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The Eat-Lancet Commission report published this week has drawn comments from all parts of the food and farming sector, one or two of which may have benefited from a quick read first, before committing to Twitter.

It has much to commend it. Indeed, it is arguably the most comprehensive and ambitious report we’ve seen for some time, addressing the twin challenges of healthy diets and sustainable farming, better for people and planet. 

On 20th February, The RSA Food Farming and Countryside Commission will be hosting a debate in partnership with City University’s Food Thinkers Series, to explore what the report means for UK policy and practices. Meanwhile, here are my favourite eight take-aways.

  1. Eat less meat. Yes, this is the message that most commentators focus on. And it has to be said. But the focus on red meat risks the unintended consequence of promoting more intensively produced pig and poultry. I think It’s simple. Let’s focus on no intensively produced meat. No more ‘Concentrated Animal Feeding Operations’, or ‘factory farms,’ or indoor pigs or poultry. Instead, utilise fewer ruminants, in the right ways to convert pasture to high quality protein, and outdoor reared poultry and pigs (which also thrive in woodlands). Livestock should be part of sustainable circular eco-systems. When animal welfare becomes a central component to consider, yes, there will be much less meat, and it will be valued more. The Commission devotes an Appendix to the concept of ‘livestock on leftovers’. It is clear that, within the context of a global reduction in meat and dairy consumption, livestock extensively reared on grass or food waste inedible to humans will continue to have a role to play in sustainable food systems.
  2. Shift the world’s food production from quantity and over-supply, to quality and equity. Underpinning all the many issues the report highlights, is the problem of over-production and over-consumption in some countries, and inequity and malnutrition in others. We need to recalibrate food and farming system towards producing smaller quantities of healthier, nutrient-dense food, in harmony with local climates, cultures and ecosystems.
  3. Eat much more fruit, vegetables, and plant-based foods, and encourage diversity of production in all countries. Cut back dramatically on growing things we don’t need more of – like sugar - and grow more that we do need – such as nuts and pulses - and a much wider range of them, to recover crop and genetic diversity.
  4. Review the concentration of power in the commodities markets, from the number of businesses who control them, to their control of species grown and the limited genetic pools from which they’re drawn. Regulate those businesses’ power to exert too much influence over the markets in which small and medium sized primary producers operate. The report highlights how, in many parts of the world, small family farms need better support – such as investment and infrastructure for shorter supply chains - to develop and grow a much wider variety of foods, more suited to their climates and conditions, which, in turn, also has beneficial health and ecosystem effects.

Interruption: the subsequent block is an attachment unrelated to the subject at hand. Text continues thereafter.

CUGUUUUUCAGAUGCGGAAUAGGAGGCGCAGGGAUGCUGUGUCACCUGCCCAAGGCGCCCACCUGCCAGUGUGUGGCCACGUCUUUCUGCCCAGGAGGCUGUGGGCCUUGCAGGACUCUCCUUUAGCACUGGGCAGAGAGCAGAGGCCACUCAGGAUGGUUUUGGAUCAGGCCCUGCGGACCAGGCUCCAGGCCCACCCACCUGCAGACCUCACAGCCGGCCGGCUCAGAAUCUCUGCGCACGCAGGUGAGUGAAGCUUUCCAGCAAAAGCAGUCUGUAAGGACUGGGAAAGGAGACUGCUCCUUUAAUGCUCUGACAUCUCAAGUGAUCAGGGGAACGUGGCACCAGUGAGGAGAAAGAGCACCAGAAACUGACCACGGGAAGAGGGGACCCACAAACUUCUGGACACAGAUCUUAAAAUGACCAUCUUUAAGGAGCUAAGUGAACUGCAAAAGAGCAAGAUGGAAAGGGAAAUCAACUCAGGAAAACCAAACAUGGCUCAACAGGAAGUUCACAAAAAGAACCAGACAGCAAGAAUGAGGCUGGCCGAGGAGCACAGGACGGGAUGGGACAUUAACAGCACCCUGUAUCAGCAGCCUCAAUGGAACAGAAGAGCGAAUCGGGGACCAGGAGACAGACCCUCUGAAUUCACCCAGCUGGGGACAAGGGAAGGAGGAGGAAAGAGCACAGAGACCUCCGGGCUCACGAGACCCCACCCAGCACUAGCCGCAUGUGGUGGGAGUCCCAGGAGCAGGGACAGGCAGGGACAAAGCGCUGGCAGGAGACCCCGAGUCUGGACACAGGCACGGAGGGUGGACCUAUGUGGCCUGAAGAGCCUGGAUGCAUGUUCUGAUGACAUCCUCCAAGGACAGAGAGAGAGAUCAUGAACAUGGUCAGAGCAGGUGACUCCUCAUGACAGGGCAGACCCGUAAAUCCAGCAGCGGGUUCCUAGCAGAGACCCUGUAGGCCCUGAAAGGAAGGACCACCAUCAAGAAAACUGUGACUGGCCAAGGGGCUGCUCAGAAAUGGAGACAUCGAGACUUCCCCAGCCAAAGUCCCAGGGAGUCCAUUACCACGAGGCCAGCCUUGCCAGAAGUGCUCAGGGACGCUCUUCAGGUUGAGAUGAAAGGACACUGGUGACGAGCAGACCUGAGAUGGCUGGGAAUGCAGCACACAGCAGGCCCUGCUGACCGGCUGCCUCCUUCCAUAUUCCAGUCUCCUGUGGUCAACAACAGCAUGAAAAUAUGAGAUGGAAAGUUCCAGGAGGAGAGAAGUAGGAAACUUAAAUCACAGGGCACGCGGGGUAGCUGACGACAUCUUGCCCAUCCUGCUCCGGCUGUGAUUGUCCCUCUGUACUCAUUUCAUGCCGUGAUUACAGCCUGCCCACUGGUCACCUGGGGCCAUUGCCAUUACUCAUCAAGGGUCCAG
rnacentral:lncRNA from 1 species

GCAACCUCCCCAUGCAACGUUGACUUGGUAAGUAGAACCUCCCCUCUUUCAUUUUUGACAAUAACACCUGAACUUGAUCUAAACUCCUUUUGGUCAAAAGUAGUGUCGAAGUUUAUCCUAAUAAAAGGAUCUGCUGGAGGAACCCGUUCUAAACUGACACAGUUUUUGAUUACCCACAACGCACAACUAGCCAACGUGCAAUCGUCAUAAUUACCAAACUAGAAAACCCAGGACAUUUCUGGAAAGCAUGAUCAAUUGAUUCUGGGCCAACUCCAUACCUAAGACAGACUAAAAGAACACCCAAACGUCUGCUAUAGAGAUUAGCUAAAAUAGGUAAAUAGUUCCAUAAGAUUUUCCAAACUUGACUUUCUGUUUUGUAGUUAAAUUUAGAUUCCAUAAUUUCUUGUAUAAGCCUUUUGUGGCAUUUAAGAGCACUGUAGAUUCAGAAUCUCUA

5. Food prices should fully reflect the true cost of food, from production, processing to consumption. Reduce or remove chemical inputs to recover bio-diversity and reduce pressures on eco-systems. Food prices will increase in some countries. In rich countries, food is – arguably – too cheap, which devalues it. Protect vulnerable citizens through social measures (such as increasing incomes or redistribution through tax systems).
  6. Focus on waste, from production to post-consumer. If food is valued more, waste is reduced. Develop virtuous circular systems. The Pig Idea in UK seeks to lift the ban on feeding food waste to pigs.
  7. Develop a strategic, integrating framework for land (and oceans) to protect or regenerate ecosystems and mediate pressures on land use. Countries need to set for themselves, and often with their neighbours, the conditions which help them produce food within planetary boundaries, source their energy needs, mitigate and adapt to climate breakdown and protect and recover biodiversity.
  8. Governments must intervene more (and act together). From international trade policies, to making it easier to restrict activities of transnational corporations who profit from producing unhealthy food or depleting ecosystems; through to local governments, to use procurement and zoning laws to promote access to healthy food and restrict access to unhealthy food, the report does not shy away from highlighting the big structural, economic and political questions.

In short, this report is very much more than a bid to reduce meat and promote plant-based diets.  It’s a serious analysis of the way that complex trans-national food and farming systems operate now - and a rallying call to urgent action, to grow a global consensus for more sustainable systems for people and planet.

 Sue Pritchard is Director of the Food, Farming & Countryside Commission

Tickets for the debate at RSA House on 20th February will go live on 6th February on the RSA Events webpage. Dr Sandro Demaio, CEO of EAT, will present the EAT-Lancet Commission findings followed by a panel discussion on the steps that need to be taken to transition to a more sustainable land use and a healthier diet – both core themes of the Food, Farming & Countryside Commission’s work. Tickets are free of charge and available to all. 


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